|Filmmakers For Future
When you have work experience, you can start to find work in wildlife filmmaking. First, keep an eye out for documentary jobs. Also, film companies will advertise work on their career websites.
It will become easier to find regular paid work after you have a few wildlife documentary work credits. Producers, directors, and camera operators all love to work with the same people. So, it might take a few years to make those first contacts but they will hire you again and again.
When you have more experience, you can then advance from one role to another. For example, there is a clear route from camera assistant to camera operator and DOP. Likewise, producer and director roles often cross over in wildlife filmmaking. Researcher to producer is also a good route.
Finally, it isn’t easy to have a career in wildlife. So as mentioned before you can also work on other types of film and TV productions. Your work can cross over to all documentary, unscripted, and scripted films.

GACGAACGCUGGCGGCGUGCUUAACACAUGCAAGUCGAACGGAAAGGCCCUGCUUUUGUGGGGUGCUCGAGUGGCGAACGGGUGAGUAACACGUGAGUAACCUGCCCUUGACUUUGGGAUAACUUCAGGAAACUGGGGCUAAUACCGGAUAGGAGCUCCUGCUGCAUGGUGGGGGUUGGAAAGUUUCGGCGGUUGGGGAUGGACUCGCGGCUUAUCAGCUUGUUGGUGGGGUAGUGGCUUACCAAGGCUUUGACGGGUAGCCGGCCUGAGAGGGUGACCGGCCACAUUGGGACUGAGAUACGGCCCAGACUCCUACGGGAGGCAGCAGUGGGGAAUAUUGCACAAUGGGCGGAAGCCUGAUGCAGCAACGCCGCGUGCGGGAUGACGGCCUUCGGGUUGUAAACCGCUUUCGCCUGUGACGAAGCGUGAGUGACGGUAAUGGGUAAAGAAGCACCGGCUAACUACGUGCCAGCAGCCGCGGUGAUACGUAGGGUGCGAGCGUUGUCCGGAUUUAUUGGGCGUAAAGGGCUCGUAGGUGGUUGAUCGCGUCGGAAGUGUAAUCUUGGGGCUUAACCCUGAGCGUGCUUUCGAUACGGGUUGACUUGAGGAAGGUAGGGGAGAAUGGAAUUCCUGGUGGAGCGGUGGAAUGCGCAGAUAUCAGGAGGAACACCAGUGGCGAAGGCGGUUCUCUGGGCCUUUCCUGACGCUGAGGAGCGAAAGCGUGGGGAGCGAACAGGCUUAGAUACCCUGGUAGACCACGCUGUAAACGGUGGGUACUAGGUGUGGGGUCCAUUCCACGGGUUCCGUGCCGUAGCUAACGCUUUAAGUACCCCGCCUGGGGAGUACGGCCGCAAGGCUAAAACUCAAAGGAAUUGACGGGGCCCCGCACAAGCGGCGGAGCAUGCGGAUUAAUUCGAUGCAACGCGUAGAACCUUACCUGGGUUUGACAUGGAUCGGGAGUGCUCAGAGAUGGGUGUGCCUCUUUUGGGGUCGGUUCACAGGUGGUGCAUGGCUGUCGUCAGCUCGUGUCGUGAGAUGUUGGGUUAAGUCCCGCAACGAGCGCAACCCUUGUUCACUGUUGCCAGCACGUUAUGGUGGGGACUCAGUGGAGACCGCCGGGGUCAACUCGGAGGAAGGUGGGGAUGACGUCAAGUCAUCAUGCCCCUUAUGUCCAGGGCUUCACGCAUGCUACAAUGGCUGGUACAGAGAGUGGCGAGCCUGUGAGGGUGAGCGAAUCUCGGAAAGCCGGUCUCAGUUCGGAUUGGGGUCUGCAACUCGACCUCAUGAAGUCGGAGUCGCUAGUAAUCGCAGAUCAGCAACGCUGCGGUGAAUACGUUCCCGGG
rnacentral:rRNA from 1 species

Your crew rates depend on various factors, such as your experience and the project budget. Plus, after five years of experience, you’re in a much stronger position to negotiate. You can also charge an additional fee if you provide equipment for the shoot. Below, we have examples of rates for both US and UK filmmakers.
In the US, your wage will depend on your union. Every film union and guild will have recommendations for wages, so the rates will vary greatly. However, the rates below are examples from the IATSE rate sheet, key roles are subject to negotiation.
|Day Rate (10 hours)
If you’re in the UK, then the BECTU and IAWF will help guide you on working rates. The IAWF recommends that filmmakers charge a full day’s wage for all travel days because wildlife filmmaking is more physically demanding than other film work.
|Weekly Rate (0-5 years experience)
|£11.40 per hour
To sum up, if you love animals and natural history, then you should consider a career in wildlife filmmaking. There’s no doubt it’s a tough job and nothing like your typical 9-5.
If you can handle the long workdays and living outside, this is a very rewarding career. Also, the skills you learn can transfer to many other film and TV job roles.